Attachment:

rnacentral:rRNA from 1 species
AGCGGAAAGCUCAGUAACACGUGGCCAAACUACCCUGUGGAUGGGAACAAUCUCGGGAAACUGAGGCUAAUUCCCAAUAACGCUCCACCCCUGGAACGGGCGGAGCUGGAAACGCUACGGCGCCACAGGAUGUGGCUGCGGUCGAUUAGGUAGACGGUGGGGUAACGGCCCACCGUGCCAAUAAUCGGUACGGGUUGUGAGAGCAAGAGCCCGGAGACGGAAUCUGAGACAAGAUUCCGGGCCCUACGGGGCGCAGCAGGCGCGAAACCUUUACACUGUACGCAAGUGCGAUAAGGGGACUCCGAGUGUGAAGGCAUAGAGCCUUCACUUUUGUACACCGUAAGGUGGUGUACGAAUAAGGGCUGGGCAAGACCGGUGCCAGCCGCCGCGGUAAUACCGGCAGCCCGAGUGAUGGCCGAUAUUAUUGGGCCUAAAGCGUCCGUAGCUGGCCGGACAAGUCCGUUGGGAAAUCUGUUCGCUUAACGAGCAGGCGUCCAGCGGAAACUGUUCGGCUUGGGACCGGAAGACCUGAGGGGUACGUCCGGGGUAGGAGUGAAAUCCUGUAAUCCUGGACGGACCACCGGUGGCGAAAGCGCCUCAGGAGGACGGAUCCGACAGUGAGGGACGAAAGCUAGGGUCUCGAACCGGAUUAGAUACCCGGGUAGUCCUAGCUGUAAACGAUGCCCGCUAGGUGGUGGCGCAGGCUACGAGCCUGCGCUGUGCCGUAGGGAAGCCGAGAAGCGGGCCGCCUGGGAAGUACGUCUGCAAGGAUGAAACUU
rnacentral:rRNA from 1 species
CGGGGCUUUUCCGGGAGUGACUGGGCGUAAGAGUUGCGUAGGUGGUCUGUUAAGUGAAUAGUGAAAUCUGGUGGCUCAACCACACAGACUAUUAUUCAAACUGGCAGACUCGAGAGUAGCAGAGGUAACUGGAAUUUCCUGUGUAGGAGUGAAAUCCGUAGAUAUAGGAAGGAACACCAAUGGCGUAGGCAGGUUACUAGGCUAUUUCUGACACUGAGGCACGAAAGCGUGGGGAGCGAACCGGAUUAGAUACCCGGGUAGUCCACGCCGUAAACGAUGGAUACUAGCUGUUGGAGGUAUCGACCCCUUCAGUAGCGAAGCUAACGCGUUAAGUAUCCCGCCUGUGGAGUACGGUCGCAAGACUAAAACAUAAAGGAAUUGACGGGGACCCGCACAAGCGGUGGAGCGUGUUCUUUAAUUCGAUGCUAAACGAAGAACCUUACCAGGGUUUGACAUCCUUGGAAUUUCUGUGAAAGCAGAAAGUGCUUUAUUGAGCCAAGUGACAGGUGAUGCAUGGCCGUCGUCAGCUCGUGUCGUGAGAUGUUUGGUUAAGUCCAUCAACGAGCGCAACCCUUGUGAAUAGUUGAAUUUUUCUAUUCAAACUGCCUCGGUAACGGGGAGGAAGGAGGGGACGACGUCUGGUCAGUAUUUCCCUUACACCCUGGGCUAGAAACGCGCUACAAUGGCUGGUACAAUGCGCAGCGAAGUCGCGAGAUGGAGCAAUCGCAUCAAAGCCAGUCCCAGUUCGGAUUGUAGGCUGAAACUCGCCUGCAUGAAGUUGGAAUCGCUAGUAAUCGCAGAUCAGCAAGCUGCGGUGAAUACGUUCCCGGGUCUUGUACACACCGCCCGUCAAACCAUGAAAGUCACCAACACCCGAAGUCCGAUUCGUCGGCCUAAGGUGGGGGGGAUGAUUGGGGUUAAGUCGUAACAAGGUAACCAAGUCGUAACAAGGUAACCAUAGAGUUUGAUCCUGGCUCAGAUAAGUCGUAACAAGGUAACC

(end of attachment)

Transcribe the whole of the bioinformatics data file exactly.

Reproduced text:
rnacentral:rRNA from 1 species
AGCGGAAAGCUCAGUAACACGUGGCCAAACUACCCUGUGGAUGGGAACAAUCUCGGGAAACUGAGGCUAAUUCCCAAUAACGCUCCACCCCUGGAACGGGCGGAGCUGGAAACGCUACGGCGCCACAGGAUGUGGCUGCGGUCGAUUAGGUAGACGGUGGGGUAACGGCCCACCGUGCCAAUAAUCGGUACGGGUUGUGAGAGCAAGAGCCCGGAGACGGAAUCUGAGACAAGAUUCCGGGCCCUACGGGGCGCAGCAGGCGCGAAACCUUUACACUGUACGCAAGUGCGAUAAGGGGACUCCGAGUGUGAAGGCAUAGAGCCUUCACUUUUGUACACCGUAAGGUGGUGUACGAAUAAGGGCUGGGCAAGACCGGUGCCAGCCGCCGCGGUAAUACCGGCAGCCCGAGUGAUGGCCGAUAUUAUUGGGCCUAAAGCGUCCGUAGCUGGCCGGACAAGUCCGUUGGGAAAUCUGUUCGCUUAACGAGCAGGCGUCCAGCGGAAACUGUUCGGCUUGGGACCGGAAGACCUGAGGGGUACGUCCGGGGUAGGAGUGAAAUCCUGUAAUCCUGGACGGACCACCGGUGGCGAAAGCGCCUCAGGAGGACGGAUCCGACAGUGAGGGACGAAAGCUAGGGUCUCGAACCGGAUUAGAUACCCGGGUAGUCCUAGCUGUAAACGAUGCCCGCUAGGUGGUGGCGCAGGCUACGAGCCUGCGCUGUGCCGUAGGGAAGCCGAGAAGCGGGCCGCCUGGGAAGUACGUCUGCAAGGAUGAAACUU
rnacentral:rRNA from 1 species
CGGGGCUUUUCCGGGAGUGACUGGGCGUAAGAGUUGCGUAGGUGGUCUGUUAAGUGAAUAGUGAAAUCUGGUGGCUCAACCACACAGACUAUUAUUCAAACUGGCAGACUCGAGAGUAGCAGAGGUAACUGGAAUUUCCUGUGUAGGAGUGAAAUCCGUAGAUAUAGGAAGGAACACCAAUGGCGUAGGCAGGUUACUAGGCUAUUUCUGACACUGAGGCACGAAAGCGUGGGGAGCGAACCGGAUUAGAUACCCGGGUAGUCCACGCCGUAAACGAUGGAUACUAGCUGUUGGAGGUAUCGACCCCUUCAGUAGCGAAGCUAACGCGUUAAGUAUCCCGCCUGUGGAGUACGGUCGCAAGACUAAAACAUAAAGGAAUUGACGGGGACCCGCACAAGCGGUGGAGCGUGUUCUUUAAUUCGAUGCUAAACGAAGAACCUUACCAGGGUUUGACAUCCUUGGAAUUUCUGUGAAAGCAGAAAGUGCUUUAUUGAGCCAAGUGACAGGUGAUGCAUGGCCGUCGUCAGCUCGUGUCGUGAGAUGUUUGGUUAAGUCCAUCAACGAGCGCAACCCUUGUGAAUAGUUGAAUUUUUCUAUUCAAACUGCCUCGGUAACGGGGAGGAAGGAGGGGACGACGUCUGGUCAGUAUUUCCCUUACACCCUGGGCUAGAAACGCGCUACAAUGGCUGGUACAAUGCGCAGCGAAGUCGCGAGAUGGAGCAAUCGCAUCAAAGCCAGUCCCAGUUCGGAUUGUAGGCUGAAACUCGCCUGCAUGAAGUUGGAAUCGCUAGUAAUCGCAGAUCAGCAAGCUGCGGUGAAUACGUUCCCGGGUCUUGUACACACCGCCCGUCAAACCAUGAAAGUCACCAACACCCGAAGUCCGAUUCGUCGGCCUAAGGUGGGGGGGAUGAUUGGGGUUAAGUCGUAACAAGGUAACCAAGUCGUAACAAGGUAACCAUAGAGUUUGAUCCUGGCUCAGAUAAGUCGUAACAAGGUAACC